In McCuen v. McGee, 315 Ark. 561, 868 S.W.2d 503 (1994), a case very similar to this one, we chose not to address the issues presented because of mootness resulting from the fact that the election in question had been held and nothing we might do would change the result. In that case, however, we noted that "appellant has not addressed that question [the public interest] except insofar as his own interest is concerned and we are not persuaded that an exception [to the mootness doctrine] should be made in this case." McCuen, 315 Ark. at 564, 868 S.W.2d at 505. In this case, the contrary is true. Mr. Jenkins and the State Republican Committee have clearly stressed the importance of having the issues presented here decided for the benefit of orderly procedures for challenging the appearances of names on the ballot in future elections, and we agree. We therefore deny the motion to dismiss because the issues presented are ones likely to recur, Quinn v. Webb Wheel Products, 334 Ark. 573, 976 S.W.2d 386 (1998), and particularly because issues concerning election procedure are of public importance and should be resolved so that errors in election procedures, if any are held to have occurred, will not be repeated. See Wright v. Keffer, 319 Ark. 201, 890 S.W.2d 271 (1995).
The Secretary of State certified Mr. Jenkins's name to the election boards of Crawford and Franklin Counties on September 14,1998. The mandamus and declaratory judgment petition was filed September 30, 1998, and Judge Bogard scheduled a hearing for October 5, 1998. Mr. Jenkins was not, however, served with process until October 20, 1998, and a new hearing was set for October 28, 1998.
The theme of the appeal by Mr. Jenkins and the State Republican Committee is that Judge Bogard's order was tardy and that, although it was stayed, the order caused Mr. Jenkins to lose votes because of confusion of the voters about whether Mr. Jenkins remained a candidate and whether votes cast for him would be counted. We are asked whether such "last minute" pursuit of the writ and declaratory judgment, and the order that was issued, were appropriate in view of the lateness of the filing of the petition and the failure of Judge Bogard to have a hearing upon it within two to seven days of its filing as required by Ark. R. Civ. P. 78(d).
We decline to address the question whether Judge Bogard abused his discretion in entertaining the petition that was filed just over a month prior to the election. We do so because the argument was not presented to Judge Bogard. We do not address arguments made for the first time on appeal. Dellinger v. First Nat'l Bank of Russellville, 333 Ark. 460, 970 S.W.2d 223 (1998). An exception to that rule is that we will address for the first time on appeal an argument that the trial court lacked jurisdiction of the subject matter with which it has dealt. See Cigna Ins. Co. v. Brisson, 294 Ark. 504, 744 S.W.2d 716 (1988); Roy v. International MultifoodsCorp., 268 Ark. 958, 597 S.W.2d 129 (1980).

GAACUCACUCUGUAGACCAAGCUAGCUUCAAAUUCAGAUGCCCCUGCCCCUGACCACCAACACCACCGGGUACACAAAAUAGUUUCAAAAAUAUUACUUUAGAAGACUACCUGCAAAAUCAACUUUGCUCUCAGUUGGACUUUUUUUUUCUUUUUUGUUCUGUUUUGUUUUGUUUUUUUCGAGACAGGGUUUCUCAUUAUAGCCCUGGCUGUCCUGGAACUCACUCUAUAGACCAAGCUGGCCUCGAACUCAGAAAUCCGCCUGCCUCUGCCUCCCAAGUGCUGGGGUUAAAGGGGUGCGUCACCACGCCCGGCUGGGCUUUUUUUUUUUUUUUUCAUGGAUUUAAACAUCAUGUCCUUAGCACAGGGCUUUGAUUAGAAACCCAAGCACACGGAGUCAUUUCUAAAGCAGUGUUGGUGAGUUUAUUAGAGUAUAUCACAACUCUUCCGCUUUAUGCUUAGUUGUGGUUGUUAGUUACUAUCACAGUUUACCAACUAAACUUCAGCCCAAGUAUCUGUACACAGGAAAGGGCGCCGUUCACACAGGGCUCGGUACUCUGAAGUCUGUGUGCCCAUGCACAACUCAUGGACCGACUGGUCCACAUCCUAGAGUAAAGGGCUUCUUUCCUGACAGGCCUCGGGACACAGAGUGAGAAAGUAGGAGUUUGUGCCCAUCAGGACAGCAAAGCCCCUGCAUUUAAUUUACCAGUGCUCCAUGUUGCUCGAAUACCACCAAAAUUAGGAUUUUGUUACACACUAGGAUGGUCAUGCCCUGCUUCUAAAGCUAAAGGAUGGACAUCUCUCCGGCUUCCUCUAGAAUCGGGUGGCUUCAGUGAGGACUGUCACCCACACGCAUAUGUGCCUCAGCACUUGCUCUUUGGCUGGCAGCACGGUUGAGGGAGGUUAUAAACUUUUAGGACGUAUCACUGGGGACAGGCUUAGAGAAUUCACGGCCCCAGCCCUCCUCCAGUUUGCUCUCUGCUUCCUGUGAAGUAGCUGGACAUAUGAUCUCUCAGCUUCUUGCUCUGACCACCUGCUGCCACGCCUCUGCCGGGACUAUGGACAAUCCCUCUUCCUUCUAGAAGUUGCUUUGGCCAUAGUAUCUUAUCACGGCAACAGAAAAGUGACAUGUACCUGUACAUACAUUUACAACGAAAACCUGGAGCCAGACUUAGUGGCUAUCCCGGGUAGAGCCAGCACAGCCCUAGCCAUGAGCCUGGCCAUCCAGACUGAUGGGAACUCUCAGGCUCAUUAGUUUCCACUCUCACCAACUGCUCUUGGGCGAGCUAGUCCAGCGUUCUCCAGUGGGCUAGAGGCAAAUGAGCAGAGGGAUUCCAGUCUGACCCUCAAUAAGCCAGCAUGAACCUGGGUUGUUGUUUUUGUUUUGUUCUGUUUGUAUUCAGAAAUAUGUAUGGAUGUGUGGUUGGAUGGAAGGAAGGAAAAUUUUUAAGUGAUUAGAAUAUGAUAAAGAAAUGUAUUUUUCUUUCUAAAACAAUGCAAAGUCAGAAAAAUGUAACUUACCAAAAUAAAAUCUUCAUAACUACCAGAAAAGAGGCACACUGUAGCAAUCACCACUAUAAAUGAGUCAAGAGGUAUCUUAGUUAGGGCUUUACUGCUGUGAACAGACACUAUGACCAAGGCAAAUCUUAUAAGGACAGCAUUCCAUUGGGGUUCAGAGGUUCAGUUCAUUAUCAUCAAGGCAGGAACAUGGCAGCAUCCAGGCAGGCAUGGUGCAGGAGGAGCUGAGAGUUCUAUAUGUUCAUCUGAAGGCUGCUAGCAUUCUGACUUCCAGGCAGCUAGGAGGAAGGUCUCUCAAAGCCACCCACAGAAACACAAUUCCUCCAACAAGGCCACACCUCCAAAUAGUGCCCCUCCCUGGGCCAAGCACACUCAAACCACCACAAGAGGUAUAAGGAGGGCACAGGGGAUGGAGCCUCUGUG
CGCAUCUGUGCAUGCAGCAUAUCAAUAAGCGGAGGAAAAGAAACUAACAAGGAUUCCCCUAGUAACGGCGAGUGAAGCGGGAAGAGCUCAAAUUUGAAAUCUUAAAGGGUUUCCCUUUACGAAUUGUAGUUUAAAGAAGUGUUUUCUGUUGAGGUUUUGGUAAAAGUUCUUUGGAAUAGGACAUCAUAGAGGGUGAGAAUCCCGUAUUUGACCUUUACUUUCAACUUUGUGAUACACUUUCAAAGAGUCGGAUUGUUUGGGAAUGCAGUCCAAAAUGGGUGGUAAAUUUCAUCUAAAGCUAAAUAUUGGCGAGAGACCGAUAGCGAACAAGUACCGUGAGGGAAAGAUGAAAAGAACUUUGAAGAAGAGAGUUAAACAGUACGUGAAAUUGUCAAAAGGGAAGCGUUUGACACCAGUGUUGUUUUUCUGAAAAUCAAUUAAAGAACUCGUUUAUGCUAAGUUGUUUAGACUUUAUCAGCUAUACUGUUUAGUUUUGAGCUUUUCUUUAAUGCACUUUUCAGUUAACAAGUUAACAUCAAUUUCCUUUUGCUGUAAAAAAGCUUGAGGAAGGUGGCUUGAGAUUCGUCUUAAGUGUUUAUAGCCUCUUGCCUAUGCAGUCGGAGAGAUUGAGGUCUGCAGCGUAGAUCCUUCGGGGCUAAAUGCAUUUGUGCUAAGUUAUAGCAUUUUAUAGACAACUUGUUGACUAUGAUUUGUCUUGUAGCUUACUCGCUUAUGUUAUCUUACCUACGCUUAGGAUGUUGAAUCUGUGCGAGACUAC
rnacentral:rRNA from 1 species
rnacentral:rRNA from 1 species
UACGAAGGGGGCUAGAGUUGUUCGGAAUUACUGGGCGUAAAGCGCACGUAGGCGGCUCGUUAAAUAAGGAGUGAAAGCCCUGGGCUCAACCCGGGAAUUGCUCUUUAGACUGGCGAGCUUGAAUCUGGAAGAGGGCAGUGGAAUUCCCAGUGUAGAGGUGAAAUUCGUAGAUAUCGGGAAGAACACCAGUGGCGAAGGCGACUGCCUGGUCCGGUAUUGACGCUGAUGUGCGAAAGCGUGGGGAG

Mr. Jenkins concedes that he did not present the delay-in-filing issue to Judge Bogard, and he makes no argument that the issue is one of subject-matter jurisdiction. He also concedes that he did not object to Judge Bogard's holding the hearing more than seven days after the petition was filed; however, he argues that Judge Bogard lost jurisdiction of the subject matter because of the violation of the requirement found in Rule 78(d) that a hearing be held neither less than two nor more than seven days after the petition for mandamus and declaratory judgment is filed. Despite the mootness of the issue, we choose to decide two issues we consider to be significant, i.e., the issue concerning the effect of a violation of Rule 78(d) and the issue concerning that which is necessary to establish residency.
We hold that the Circuit Court did not lose jurisdiction of the subject matter as a result of the violation of Rule 78(d) and that it was thus necessary for Mr. Jenkins to have objected in order to have preserved that issue for appeal. We also hold that the ruling to the effect that Mr. Jenkins had not satisfied the residency requirement posed by Ark. Const. art. 5, § 4, was correct. We therefore affirm.
1. Rule 78(d) and subject-matter jurisdiction
Arkansas Code Ann. § 7-5-207(b) (Supp. 1997) provides that "[n]o person's name shall be printed upon the ballot as a candidate for any public office in this state at any election unless theperson is qualified and eligible at the time of the filing as a candidate for office, to hold the public office for which he is a candidate...." The proper means of enforcing that provision is to petition for mandamus and declaratory judgment. State v. Craighead County Bd. of Election Comm'rs, 300 Ark. 405, 779 S.W.2d 169 (1989).
The requirement that a hearing be held on a mandamus petition no less than two and no more than seven days after filing appeared in Ark. Code Ann. § 16-115-104 (1987). The requirement was removed in favor of a 45-day limit by Act 582 of 1991. See Ark. Code Ann. § 16-115-104 (Supp. 1997). Recognizing that it was important to retain the shorter time period for hearings to be held with respect to petitions filed in election cases, we added subsection (d) to Rule 78 in order to retain the two-to-seven day limit for hearings of mandamus petitions filed in election matters. Subsection (d) of the rule provides as follows:
Mandamus and Prohibition. Upon the filing of petitions for writs of mandamus or prohibition in election matters, it shall be the mandatory duty of the judge or chancellor having jurisdiction to fix and announce a day of court to be held no sooner than two (2) and no longer than seven (7) days thereafter to hear and determine the cause.